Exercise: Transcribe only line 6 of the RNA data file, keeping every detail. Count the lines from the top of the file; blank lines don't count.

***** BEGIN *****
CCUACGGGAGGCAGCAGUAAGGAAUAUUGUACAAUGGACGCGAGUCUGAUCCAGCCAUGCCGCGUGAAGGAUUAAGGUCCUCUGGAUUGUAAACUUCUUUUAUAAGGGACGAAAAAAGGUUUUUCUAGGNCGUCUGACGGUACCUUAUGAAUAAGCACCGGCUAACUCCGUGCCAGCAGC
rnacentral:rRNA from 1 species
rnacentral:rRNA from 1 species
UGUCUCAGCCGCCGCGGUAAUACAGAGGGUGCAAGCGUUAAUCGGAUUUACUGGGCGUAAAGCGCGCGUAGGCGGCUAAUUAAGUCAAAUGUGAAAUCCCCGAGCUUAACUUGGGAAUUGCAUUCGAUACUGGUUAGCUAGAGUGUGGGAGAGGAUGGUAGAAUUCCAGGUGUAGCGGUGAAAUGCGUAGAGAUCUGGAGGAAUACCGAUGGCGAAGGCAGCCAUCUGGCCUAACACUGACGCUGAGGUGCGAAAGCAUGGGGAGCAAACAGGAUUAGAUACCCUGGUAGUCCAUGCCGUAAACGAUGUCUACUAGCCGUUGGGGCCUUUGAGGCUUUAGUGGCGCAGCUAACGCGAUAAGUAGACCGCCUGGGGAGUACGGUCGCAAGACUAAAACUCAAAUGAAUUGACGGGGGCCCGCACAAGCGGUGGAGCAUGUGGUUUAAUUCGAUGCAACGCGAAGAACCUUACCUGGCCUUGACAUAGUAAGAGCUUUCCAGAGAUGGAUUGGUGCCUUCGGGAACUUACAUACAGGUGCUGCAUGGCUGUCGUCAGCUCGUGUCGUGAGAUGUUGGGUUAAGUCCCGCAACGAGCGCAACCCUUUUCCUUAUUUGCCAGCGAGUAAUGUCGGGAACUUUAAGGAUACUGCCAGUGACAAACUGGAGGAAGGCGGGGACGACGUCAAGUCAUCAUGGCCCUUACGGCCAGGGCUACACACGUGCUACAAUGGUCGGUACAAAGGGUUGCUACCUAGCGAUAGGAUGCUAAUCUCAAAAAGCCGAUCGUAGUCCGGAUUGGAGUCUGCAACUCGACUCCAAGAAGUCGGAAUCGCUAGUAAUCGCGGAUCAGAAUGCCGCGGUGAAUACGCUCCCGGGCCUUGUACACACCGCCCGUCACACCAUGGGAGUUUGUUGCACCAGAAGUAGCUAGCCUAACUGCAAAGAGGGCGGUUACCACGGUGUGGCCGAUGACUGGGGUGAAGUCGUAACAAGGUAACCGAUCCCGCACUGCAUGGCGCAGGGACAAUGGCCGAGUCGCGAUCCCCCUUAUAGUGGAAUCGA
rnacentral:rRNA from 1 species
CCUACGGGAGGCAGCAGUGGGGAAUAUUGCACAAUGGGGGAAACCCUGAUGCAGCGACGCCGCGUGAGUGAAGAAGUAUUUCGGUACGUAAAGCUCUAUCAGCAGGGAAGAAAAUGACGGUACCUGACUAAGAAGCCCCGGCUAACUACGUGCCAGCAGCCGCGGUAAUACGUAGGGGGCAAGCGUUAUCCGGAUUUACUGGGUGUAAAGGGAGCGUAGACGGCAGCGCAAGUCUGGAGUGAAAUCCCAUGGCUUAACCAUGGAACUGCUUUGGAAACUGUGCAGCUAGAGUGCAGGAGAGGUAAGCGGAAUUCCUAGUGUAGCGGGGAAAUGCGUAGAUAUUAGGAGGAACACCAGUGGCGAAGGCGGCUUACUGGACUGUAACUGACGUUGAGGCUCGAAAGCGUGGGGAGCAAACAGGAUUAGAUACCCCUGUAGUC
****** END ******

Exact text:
CCUACGGGAGGCAGCAGUGGGGAAUAUUGCACAAUGGGGGAAACCCUGAUGCAGCGACGCCGCGUGAGUGAAGAAGUAUUUCGGUACGUAAAGCUCUAUCAGCAGGGAAGAAAAUGACGGUACCUGACUAAGAAGCCCCGGCUAACUACGUGCCAGCAGCCGCGGUAAUACGUAGGGGGCAAGCGUUAUCCGGAUUUACUGGGUGUAAAGGGAGCGUAGACGGCAGCGCAAGUCUGGAGUGAAAUCCCAUGGCUUAACCAUGGAACUGCUUUGGAAACUGUGCAGCUAGAGUGCAGGAGAGGUAAGCGGAAUUCCUAGUGUAGCGGGGAAAUGCGUAGAUAUUAGGAGGAACACCAGUGGCGAAGGCGGCUUACUGGACUGUAACUGACGUUGAGGCUCGAAAGCGUGGGGAGCAAACAGGAUUAGAUACCCCUGUAGUC